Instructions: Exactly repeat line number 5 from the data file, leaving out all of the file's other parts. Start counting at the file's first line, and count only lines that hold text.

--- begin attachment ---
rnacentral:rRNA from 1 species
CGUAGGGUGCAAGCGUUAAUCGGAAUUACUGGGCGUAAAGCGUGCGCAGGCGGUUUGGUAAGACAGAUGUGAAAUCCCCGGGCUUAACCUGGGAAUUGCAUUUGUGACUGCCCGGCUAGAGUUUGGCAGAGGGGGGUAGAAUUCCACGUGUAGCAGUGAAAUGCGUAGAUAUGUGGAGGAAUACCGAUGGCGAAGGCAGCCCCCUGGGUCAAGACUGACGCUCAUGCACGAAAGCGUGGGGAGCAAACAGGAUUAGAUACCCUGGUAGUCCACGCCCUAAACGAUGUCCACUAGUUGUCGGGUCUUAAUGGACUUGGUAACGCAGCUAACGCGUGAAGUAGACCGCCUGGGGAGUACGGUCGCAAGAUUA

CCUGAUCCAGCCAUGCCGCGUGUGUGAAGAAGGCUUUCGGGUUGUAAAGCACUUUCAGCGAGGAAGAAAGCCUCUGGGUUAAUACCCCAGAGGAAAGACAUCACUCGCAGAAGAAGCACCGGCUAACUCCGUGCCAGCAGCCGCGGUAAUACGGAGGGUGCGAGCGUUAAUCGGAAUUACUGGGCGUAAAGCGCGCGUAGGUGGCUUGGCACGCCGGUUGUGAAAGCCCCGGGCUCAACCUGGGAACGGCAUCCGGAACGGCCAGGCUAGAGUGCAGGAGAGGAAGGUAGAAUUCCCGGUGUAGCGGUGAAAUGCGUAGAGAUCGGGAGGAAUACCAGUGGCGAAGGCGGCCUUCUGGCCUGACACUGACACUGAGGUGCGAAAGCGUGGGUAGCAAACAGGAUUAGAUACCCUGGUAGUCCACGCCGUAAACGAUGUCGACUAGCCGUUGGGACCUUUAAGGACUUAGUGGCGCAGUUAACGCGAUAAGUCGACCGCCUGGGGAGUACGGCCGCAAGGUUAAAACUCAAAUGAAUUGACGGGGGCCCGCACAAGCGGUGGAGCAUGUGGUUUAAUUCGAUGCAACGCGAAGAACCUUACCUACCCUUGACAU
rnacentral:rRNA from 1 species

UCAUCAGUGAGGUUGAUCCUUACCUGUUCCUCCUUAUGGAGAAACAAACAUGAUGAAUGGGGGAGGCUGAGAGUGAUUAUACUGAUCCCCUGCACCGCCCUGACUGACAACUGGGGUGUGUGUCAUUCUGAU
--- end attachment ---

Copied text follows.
UCAUCAGUGAGGUUGAUCCUUACCUGUUCCUCCUUAUGGAGAAACAAACAUGAUGAAUGGGGGAGGCUGAGAGUGAUUAUACUGAUCCCCUGCACCGCCCUGACUGACAACUGGGGUGUGUGUCAUUCUGAU